Moments like that, I simply joined the visitors in looking at something revealed in all its silence. We listened to the dry scrape of small trowels, the soft calls of migratory bulls outside in the autumn, the constant wind whining around the building. More than once, I had to run to close the doors we propped open for guests, as gusts of wind galloped in and knocked the ash back into the air. In those moments, it was if it were twelve million years ago: ash spumed and grayed everything, and as it fell, it caught the sunlight, sparkling in small bits that turned and turned in the most beautiful kind of death possible.
Moments like this collapsed time for me and for the people who gathered around me. In those moments, when I did not know I had a body vulnerable to illness and insurance whims, I found a kind of truth in looking at bodies like this. These animals died in terror—and wonder—but today rest in a kind of calm and comfort that I come back to again and again, like a river tooth inside of myself. They create a place of quiet I can return to, to pause, to think, to get a better sense of time’s scale and my place on it; a body can be utterly frail and utterly fallible in its time, and yet remain something permanent that holds meaning for the living in the years that follow, something without dread. When the ash rose, we were all threatened by the glass again, all held equally vulnerable through our breath to something from millions of years in the past floating down on a specific afternoon of 2013, all exposed to the wound of living that is the same through time. I ran to and fro closing the doors, letting the old deaths fall back safely for a time.
Sometimes I sit down on the edge of my bed in my room, when the pain of a symptom is especially intense, and I recite, like a chant: Yes, it is bad. Yes, it is bad. Yes, it is bad. I breathe through the tight band of hurt across my belly, feeling my ribs rise and fall, believing in this as much as the hurt.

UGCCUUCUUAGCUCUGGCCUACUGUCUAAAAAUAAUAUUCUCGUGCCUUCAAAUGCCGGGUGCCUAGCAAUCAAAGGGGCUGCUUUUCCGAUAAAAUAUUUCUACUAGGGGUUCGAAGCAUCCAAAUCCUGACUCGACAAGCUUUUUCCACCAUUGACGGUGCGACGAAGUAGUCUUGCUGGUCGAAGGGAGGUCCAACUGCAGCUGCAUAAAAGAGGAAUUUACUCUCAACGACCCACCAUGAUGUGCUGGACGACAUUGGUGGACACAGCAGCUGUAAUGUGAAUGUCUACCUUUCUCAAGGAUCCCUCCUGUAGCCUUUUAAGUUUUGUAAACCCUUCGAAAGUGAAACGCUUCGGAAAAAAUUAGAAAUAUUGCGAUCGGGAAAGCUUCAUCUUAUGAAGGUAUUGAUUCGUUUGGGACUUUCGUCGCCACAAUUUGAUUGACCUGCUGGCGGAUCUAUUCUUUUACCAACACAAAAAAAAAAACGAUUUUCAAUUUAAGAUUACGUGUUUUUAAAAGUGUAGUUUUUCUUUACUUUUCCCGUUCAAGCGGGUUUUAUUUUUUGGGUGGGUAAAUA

Today, on meds, my disease is hardly visible even to myself. When I first got sick, I lost weight rapidly and could more easily discern the lineation of my ribcage in the mirror. Now I’m back to recognizing myself, and sometimes even I forget what it’s like to be seriously sick. The memory of the pain has reduced to something abstract, difficult to grasp and reach back to. I can remember the vague black and gray viscera of my gut illuminated on the light-board held up by the doctor, the white pillar of my spine cutting somewhere down the center of this. The loop that the doctor traced that proved, supposedly, how it went up by my heart, but that looked like a random bunch of blobs, to me.
What I think I struggle with is making this illness both visible to myself and concrete, tangible. Most days it sits in my head as something abstract, even when the symptoms (like a kind of IBS, when I’m medicated) are noticeable. It’s intangible in the body, even when I can point to specific locations that hurt. The terminal ileum aches, yes, but everything where I point is vaguely just somewhere here. I can map pain, and yet I can’t. And though people always believe me, have never doubted that I’m sick, even though I don’t look sick, they doubt the medication I use. Why don’t you try ________? It’s more natural, it would probably be healthier for you.
My response to this has been, I think, to try to make things more tangible for myself. The syringe I inject myself with every couple weeks is just full of little live things (kind of? I still don’t really understand biologics), like any set of organisms in an environment. It is a set of live things. I am a part of a larger breathing. I don’t know if this is true for other people. I struggle to name or talk about anyone else’s experience of the disease. Just like I struggle to remind myself that the loss of the prairie, or the stoicism that hides pain in silence, or the ways that I don’t look sick, are both visible and invisible. The risks, though, of forgetting, outweigh the risks of reminding, of asking questions. What happens if I let this knowledge disappear? What happens—what kind of permanent damage is done—if the tallgrass disappears completely? What, then, is revealed? The loss of such landscapes seems not only a loss of history, but also a loss of the ability to make sense of our own bodies, of any way of living. Solastalgia: the feeling of nostalgia for an environment in which one still lives but one no longer recognizes, where old knowledge and old language no longer applies. Where one can no longer be fully alive, not in the sense we’ve ever known as a species, before. A word recently developed to describe what greater and greater numbers of people feel. What can death mean when one’s knowledge of it no longer even applies? When abstract environmental loss becomes something acutely tangible?